State-funded University initiative works toward renewable-energy solutions

Bridget Haeg

University professors and researchers are working to research and promote renewable energy.

The Initiative for Renewable Energy and the Environment has four groups that cover various issues, including finding more energy-efficient windows to encouraging community renewable energy awareness.

The State Legislature granted the University $20 million to fund renewable energy research.

“It’s not going to be hard at all to figure out ways to spend this money,” said Dick Hemmingsen, the initiative’s interim director.

But the challenge comes in identifying and taking maximum advantage of Minnesota’s distinct opportunities and natural resources, he said.

“IREE is almost a virtual center in that there isn’t a building. It’s a process; it’s a mechanism,” Hemmingsen said.

University faculty lead the initiative’s different groups and help cultivate idea-sharing between departments.

“We are a very, very unique university in that all of these disciplines are under one roof,” Hemmingsen said.

Mechanical engineering professor Thomas Kuehn and John Carmody, campus-level director of the Center for Sustainable Building Research, are combining their areas of expertise in an initiative project.

They are working to develop more energy-efficient and less costly building window systems, Kuehn said.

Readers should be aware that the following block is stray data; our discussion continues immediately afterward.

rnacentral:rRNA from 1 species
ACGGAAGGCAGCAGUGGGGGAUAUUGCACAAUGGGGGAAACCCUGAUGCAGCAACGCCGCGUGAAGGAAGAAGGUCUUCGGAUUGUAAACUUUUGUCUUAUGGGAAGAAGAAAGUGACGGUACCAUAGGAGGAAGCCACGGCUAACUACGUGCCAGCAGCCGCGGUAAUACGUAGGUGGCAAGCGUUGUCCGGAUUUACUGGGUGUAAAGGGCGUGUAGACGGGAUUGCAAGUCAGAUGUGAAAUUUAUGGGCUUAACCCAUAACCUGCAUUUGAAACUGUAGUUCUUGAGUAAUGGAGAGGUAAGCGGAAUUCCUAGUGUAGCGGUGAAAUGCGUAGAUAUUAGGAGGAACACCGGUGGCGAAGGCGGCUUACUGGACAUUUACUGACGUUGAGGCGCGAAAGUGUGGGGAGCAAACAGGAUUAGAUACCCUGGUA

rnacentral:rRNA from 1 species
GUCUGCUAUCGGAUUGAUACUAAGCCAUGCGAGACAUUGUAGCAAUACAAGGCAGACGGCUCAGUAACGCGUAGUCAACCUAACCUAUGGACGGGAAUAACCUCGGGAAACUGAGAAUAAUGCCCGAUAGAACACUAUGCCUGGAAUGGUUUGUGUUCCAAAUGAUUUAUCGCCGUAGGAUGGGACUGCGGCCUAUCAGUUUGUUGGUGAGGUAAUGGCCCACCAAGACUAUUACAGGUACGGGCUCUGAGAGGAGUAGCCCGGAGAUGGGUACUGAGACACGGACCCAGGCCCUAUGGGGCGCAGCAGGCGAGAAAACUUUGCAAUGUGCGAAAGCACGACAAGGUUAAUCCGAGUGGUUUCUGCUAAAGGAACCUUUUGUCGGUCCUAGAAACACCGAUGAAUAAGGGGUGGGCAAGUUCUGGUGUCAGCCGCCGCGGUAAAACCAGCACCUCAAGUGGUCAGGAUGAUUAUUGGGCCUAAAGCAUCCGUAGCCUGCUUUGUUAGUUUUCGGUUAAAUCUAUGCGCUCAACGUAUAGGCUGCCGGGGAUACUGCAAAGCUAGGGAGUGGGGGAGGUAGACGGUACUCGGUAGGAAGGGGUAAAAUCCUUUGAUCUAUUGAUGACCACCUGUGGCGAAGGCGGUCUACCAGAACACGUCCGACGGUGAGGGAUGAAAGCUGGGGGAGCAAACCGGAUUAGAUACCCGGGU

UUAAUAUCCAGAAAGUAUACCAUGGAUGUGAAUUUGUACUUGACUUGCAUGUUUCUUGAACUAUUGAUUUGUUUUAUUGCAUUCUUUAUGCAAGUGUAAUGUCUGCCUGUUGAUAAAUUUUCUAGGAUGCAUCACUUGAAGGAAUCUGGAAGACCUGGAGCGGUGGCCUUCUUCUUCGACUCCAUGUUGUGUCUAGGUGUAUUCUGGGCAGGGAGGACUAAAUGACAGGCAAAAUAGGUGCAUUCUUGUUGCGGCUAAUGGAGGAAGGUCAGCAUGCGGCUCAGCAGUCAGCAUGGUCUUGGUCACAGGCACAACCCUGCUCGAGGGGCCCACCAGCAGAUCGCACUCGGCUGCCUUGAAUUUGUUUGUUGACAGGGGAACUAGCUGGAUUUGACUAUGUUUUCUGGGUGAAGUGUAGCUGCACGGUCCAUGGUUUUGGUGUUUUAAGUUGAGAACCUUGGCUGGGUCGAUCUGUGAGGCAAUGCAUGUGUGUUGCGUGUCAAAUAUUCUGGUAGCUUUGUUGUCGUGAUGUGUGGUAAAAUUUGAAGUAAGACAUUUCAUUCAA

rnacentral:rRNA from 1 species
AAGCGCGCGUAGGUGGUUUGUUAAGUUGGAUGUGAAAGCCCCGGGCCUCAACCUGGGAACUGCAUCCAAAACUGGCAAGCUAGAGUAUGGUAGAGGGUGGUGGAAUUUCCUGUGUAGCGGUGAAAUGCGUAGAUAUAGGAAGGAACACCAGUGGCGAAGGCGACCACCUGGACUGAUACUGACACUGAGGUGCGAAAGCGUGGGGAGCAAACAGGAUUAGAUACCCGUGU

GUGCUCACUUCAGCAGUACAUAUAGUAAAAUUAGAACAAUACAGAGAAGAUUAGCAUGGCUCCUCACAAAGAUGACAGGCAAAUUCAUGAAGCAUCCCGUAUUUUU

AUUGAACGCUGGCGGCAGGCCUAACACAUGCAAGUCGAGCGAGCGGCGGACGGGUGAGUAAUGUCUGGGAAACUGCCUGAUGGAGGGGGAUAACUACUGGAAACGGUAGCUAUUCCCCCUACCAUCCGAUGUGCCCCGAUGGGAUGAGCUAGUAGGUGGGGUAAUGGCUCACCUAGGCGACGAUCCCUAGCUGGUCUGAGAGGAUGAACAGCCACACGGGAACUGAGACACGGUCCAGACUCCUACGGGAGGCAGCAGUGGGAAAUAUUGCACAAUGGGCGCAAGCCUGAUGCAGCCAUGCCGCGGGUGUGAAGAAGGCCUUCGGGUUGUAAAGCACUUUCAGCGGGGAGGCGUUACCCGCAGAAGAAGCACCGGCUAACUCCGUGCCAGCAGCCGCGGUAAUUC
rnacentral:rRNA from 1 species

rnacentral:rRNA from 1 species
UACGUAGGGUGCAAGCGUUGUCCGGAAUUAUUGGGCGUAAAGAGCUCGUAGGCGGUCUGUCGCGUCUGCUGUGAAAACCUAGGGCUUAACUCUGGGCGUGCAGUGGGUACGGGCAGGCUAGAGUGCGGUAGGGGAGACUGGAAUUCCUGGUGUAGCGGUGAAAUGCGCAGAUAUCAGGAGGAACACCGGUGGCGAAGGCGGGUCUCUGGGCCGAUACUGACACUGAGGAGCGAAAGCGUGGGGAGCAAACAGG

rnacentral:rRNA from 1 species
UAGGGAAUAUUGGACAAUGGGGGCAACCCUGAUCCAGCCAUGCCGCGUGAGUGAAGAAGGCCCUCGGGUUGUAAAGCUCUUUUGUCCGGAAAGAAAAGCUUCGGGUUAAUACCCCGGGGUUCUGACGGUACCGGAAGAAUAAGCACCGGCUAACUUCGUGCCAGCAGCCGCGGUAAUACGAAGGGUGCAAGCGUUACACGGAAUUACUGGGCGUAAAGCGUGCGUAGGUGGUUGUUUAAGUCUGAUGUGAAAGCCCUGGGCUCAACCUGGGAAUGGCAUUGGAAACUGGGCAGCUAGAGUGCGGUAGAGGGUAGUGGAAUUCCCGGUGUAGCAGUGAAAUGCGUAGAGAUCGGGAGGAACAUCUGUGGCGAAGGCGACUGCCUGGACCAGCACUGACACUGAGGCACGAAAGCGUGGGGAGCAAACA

Initiative officials are still sorting through the ideas that bubble up from the groups, Hemmingsen said.

“We are taking somewhat of a ‘go slow’ approach at this point,” he said.

The initiative works to leverage funding among proposals, some of which is done through smaller grants to stimulate group work, Hemmingsen said.

Faculty and researchers often appeal to funding agencies such as the National Science Foundation for large grants, which allows initiative officials to give smaller amounts of money to more projects, he said.

“It’s very unlikely that IREE will be the sole source of research funding for any project,” Hemmingsen said.

The Clean Energy Resource Teams project relies partially on the initiative’s funding.

The project works to help communities develop a future in renewable energy, said Cynthia Pansing, statewide coordinator with the University’s Regional Sustainable Development Partnership.

Sophomore Shannon Drake serves as an undergraduate research assistant in the resource teams’ southeast region.

She said she gathers information from power companies on their policies and energy-efficiency programs.

The initiative funds almost the entire community-faculty partnership, but a number of different sources support the project itself, Pansing said.